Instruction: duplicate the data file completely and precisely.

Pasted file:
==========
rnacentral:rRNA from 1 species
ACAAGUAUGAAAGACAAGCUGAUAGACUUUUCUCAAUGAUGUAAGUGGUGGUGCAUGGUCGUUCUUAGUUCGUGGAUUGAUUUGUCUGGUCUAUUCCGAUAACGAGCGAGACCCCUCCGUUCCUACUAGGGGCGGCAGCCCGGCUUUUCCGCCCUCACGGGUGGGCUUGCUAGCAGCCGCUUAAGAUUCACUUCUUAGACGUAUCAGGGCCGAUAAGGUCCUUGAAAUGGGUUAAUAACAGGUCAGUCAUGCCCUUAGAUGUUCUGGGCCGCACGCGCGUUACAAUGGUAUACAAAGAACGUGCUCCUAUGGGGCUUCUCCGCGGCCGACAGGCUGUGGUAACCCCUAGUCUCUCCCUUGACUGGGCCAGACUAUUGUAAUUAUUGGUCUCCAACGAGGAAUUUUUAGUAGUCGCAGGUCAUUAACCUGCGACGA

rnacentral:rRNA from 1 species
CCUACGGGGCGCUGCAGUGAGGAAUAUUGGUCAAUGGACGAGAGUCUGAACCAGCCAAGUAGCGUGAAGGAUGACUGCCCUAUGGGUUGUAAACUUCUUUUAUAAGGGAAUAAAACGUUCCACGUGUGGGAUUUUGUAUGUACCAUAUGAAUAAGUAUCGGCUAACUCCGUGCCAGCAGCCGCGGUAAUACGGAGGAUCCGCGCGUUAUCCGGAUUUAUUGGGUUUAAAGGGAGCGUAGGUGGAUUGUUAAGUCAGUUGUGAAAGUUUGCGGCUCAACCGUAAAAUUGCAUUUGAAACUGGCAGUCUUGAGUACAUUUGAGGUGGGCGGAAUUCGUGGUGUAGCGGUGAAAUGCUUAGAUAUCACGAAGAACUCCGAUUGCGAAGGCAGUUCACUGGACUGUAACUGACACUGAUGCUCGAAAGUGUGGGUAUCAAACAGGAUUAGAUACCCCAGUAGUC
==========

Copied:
rnacentral:rRNA from 1 species
ACAAGUAUGAAAGACAAGCUGAUAGACUUUUCUCAAUGAUGUAAGUGGUGGUGCAUGGUCGUUCUUAGUUCGUGGAUUGAUUUGUCUGGUCUAUUCCGAUAACGAGCGAGACCCCUCCGUUCCUACUAGGGGCGGCAGCCCGGCUUUUCCGCCCUCACGGGUGGGCUUGCUAGCAGCCGCUUAAGAUUCACUUCUUAGACGUAUCAGGGCCGAUAAGGUCCUUGAAAUGGGUUAAUAACAGGUCAGUCAUGCCCUUAGAUGUUCUGGGCCGCACGCGCGUUACAAUGGUAUACAAAGAACGUGCUCCUAUGGGGCUUCUCCGCGGCCGACAGGCUGUGGUAACCCCUAGUCUCUCCCUUGACUGGGCCAGACUAUUGUAAUUAUUGGUCUCCAACGAGGAAUUUUUAGUAGUCGCAGGUCAUUAACCUGCGACGA

rnacentral:rRNA from 1 species
CCUACGGGGCGCUGCAGUGAGGAAUAUUGGUCAAUGGACGAGAGUCUGAACCAGCCAAGUAGCGUGAAGGAUGACUGCCCUAUGGGUUGUAAACUUCUUUUAUAAGGGAAUAAAACGUUCCACGUGUGGGAUUUUGUAUGUACCAUAUGAAUAAGUAUCGGCUAACUCCGUGCCAGCAGCCGCGGUAAUACGGAGGAUCCGCGCGUUAUCCGGAUUUAUUGGGUUUAAAGGGAGCGUAGGUGGAUUGUUAAGUCAGUUGUGAAAGUUUGCGGCUCAACCGUAAAAUUGCAUUUGAAACUGGCAGUCUUGAGUACAUUUGAGGUGGGCGGAAUUCGUGGUGUAGCGGUGAAAUGCUUAGAUAUCACGAAGAACUCCGAUUGCGAAGGCAGUUCACUGGACUGUAACUGACACUGAUGCUCGAAAGUGUGGGUAUCAAACAGGAUUAGAUACCCCAGUAGUC